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ORIGINAL RESEARCH article

Front. Trop. Dis, 16 November 2021
Sec. Disease Prevention and Control Policy
Volume 2 - 2021 | https://doi.org/10.3389/fitd.2021.758393

Are Temperature Suitability and Socioeconomic Factors Reliable Predictors of Dengue Transmission in Brazil?

Lorena M. Simon1* Thiago F. Rangel2
  • 1Programa da Pós-Graduação em Ecologia e Evolução, Universidade Federal de Goiás, Goiânia, Brazil
  • 2Departamento de Ecologia, Instituto de Ciências Biológicas, Universidade Federal de Goiás, Goiânia, Brazil

Dengue is an ongoing problem, especially in tropical countries. Like many other vector-borne diseases, the spread of dengue is driven by a myriad of climate and socioeconomic factors. Within developing countries, heterogeneities on socioeconomic factors are expected to create variable conditions for dengue transmission. However, the relative role of socioeconomic characteristics and their association with climate in determining dengue prevalence are poorly understood. Here we assembled essential socioeconomic factors over 5570 municipalities across Brazil and assessed their effect on dengue prevalence jointly with a previously predicted temperature suitability for transmission. Using a simultaneous autoregressive approach (SAR), we showed that the variability in the prevalence of dengue cases across Brazil is primarily explained by the combined effect of climate and socioeconomic factors. At some dengue seasons, the effect of temperature on transmission potential showed to be a more significant proxy of dengue cases. Still, socioeconomic factors explained the later increase in dengue prevalence over Brazil. In a heterogeneous country such as Brazil, recognizing the transmission drivers by vectors is a fundamental issue in effectively predicting and combating tropical diseases like dengue. Ultimately, it indicates that not considering socioeconomic factors in disease transmission predictions might compromise efficient surveillance strategies. Our study shows that sanitation, urbanization, and GDP are regional indicators that should be considered along with temperature suitability on dengue transmission, setting effective directions to mosquito-borne disease control.

1 Introduction

The presence and prevalence of many infectious diseases have clear geographic structures. These health threats vary from country to country and cause the loss of millions of lives annually (1, 2). Identifying patterns and drivers of infectious diseases has become a fundamental concern (3). For example, understanding why some regions have a higher richness of pathogens than others might help identify hotspots for outbreaks (2). A multitude of factors determines infectious disease geographical distribution and potential outbreaks, spanning from socioeconomic (e.g., urbanization; population density) to environmental (e.g., temperature; precipitation) and biotic (e.g., vectors competition) (1, 4). Acknowledgment of the variation of these drivers over space and time may help identify regions of potential transmission once the disease dynamic is as tightly linked with exogenous factors as with endogenous mechanisms (5, 6).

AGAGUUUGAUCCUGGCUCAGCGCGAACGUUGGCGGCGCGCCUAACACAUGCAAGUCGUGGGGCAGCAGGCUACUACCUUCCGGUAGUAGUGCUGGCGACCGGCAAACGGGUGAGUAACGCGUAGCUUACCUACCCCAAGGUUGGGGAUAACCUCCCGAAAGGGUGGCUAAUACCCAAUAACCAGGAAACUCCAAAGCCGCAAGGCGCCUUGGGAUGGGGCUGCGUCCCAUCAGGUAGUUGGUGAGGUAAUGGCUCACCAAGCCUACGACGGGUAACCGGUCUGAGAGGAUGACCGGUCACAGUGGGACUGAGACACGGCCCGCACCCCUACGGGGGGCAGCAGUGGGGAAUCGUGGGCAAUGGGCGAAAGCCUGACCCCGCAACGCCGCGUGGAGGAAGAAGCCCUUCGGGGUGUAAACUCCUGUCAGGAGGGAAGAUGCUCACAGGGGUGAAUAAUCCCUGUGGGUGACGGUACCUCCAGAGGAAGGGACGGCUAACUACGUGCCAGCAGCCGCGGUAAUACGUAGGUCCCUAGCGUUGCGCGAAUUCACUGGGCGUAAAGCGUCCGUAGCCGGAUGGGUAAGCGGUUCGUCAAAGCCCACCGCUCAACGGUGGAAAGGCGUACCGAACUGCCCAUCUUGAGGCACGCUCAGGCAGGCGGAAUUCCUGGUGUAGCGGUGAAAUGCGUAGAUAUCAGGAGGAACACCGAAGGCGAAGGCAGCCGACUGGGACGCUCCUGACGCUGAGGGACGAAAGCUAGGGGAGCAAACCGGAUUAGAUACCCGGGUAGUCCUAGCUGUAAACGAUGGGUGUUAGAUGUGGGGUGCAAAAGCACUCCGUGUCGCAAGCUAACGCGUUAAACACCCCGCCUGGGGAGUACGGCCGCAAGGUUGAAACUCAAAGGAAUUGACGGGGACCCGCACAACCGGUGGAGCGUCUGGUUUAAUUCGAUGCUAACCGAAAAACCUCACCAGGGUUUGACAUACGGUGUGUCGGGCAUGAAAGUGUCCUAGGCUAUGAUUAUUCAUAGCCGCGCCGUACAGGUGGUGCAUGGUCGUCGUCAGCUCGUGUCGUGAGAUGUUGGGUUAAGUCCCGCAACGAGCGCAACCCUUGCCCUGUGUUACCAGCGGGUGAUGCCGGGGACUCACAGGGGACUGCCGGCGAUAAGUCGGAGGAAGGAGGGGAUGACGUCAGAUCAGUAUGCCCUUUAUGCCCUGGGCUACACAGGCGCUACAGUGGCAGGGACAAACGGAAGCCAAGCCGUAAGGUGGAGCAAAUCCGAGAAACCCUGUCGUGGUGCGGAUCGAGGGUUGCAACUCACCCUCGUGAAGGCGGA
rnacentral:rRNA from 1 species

Dengue, a mosquito-borne disease (MBD), is a global public health concern (7). The incidence of dengue has increased thirty-fold over the last five decades, and it is estimated that approximately one hundred million new infections occur annually (8). In the Americas, the disease is present in almost all countries, with a high number of cases (hereafter referred to as prevalence) (9), where rapid urban expansion led to favorable conditions for dengue vectors (10). The geographic distribution of vectors and the probability of virus transmission to humans are likewise driven by climatic factors, given its influence on mosquito traits (10, 11).

Climate is an important ecological driver of most vector-borne diseases (VBDs) (1214), of which biological cycles are directly affected (15). For instance, the temperature can either reduce the transmission effectiveness by lowering the vector lifespan or increase it by shortening the extrinsic incubation period (EIP) (5, 12). In VBDs, the geographical transmission range is thus outlined by climate features due to its implication in reproduction, survival, and EIP (2, 16, 17). Accordingly, the physiology of the vectors and their interaction with pathogens are constrained by temperature, generally fitting in a thermal optimum (i.e., between the maximum and minimum tolerated) (18). On the other hand, socioeconomic factors are likewise critical for VBDs (1, 4, 19). For example, studies have shown an association between regional socioeconomic status and vector infestation (20, 21). In this sense, socioeconomic status correlates with factors that include sanitation, education, and health assistance, often associated with disease prevalence (1, 19). In addition, demographic characteristics such as population size and density affect transmission by facilitating the contact between vectors and hosts (see Supplementary Material for a list of detailed assumptions) (15, 22). Consequently, VBDs might prevail where socioeconomic characteristics create favoring conditions for transmission outcomes (19).

Distinct approaches have been used to address the presence and prevalence of VBDs, such as mechanistic (i.e., process-based) and statistical models (23, 24). Mechanistic models rely on empirical information on disease transmission to estimate parameters in a bottom-up procedure (24). For instance, Brady et al. (25) used a mechanistic model to estimate the thermal limits of dengue through the relationship between temperature and Aedes spp. fitness. Most mechanistic approaches in MBDs have integrated the temperature effect on transmission traits to predict global geographical patterns, not considering lower-scale socioeconomic variations (26). Recently, a multi-model climate-driven approach has been proposed to forecast Aedes-borne diseases and support surveillance operations (27). Albeit integrating many transmission-related socioeconomic factors might turn intractable in a process-based procedure, the absence of these critical drivers still brings uncertainty to transmission potential estimation (26).